Another downside to this type of overload is it can lead to burnout. Burnout is what happens when the workplace stress, increased mental fatigue on someone and just an overall toxic workplace environment. Burnout has gotten to a point where the W.H.O. has actually classified it as a world health problem. Now how could a company avoid burning out someone who has multiple roles? By hiring multiple people to help spread out the work. That way if someone goes on vacation that person isn’t being bothered on their vacation. I have known many who have gone on a vacation but yet they still get emails from work asking them to “deal with this” even though they are supposed to be enjoying a beach and are always in the hotel dealing with clients and managing phone calls and expectations. And if this one person leaves the company it could end up leaving a big hole in the company that could damage it while they try to find someone to fill that missing piece.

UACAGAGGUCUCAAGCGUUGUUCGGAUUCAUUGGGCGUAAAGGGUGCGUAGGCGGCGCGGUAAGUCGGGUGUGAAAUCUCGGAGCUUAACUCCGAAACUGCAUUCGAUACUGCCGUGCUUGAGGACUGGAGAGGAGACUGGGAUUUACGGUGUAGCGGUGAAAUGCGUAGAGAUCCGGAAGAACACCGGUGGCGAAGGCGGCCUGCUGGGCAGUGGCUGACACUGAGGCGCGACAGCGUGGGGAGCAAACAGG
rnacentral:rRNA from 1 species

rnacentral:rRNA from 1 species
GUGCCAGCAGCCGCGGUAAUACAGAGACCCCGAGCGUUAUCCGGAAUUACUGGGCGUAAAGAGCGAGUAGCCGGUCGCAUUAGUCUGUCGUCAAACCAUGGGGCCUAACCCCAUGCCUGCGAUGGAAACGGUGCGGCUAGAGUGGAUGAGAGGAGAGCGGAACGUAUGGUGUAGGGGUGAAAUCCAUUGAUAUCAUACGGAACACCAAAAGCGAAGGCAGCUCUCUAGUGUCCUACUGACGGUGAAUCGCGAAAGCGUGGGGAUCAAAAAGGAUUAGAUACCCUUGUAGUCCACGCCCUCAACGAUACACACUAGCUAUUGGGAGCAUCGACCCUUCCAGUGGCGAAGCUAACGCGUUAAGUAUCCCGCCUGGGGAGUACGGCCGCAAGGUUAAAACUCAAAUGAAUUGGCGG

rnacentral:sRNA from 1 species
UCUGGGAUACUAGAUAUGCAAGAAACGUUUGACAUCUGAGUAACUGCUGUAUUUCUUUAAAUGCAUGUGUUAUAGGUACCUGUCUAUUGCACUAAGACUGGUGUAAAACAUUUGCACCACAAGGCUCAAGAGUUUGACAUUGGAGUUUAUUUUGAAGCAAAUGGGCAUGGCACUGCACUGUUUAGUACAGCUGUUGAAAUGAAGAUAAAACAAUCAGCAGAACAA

More is More

I often get asked why companies feel the need to compartmentalize jobs. I believe the issue came from the 2008 crash when companies had to learn to operate on skeleton crews in order to keep costs down from a failing economy. That mindset hasn’t really been broken because companies could see their overall base expand without the extra cost of hiring additional help and cutting corners even without the recession happening. I have heard from many people over the years that were able to keep their jobs that companies didn’t expand to their original size before the recession but kept their size to the skeleton crew.

In Conclusion

How could this change? I think this would be an overall slow process because we have become so use to not having enough people. I know companies that when they need someone who is good at Salesforce, they hire someone who is good at Salesforce. You know what you know, and you know what you don’t know. And companies need to understand that when you move into hiring someone to fill multiple roles, you have to think to yourself can we actually find someone for this or could we make this two positions in order to speed things up and build a more efficient work structure?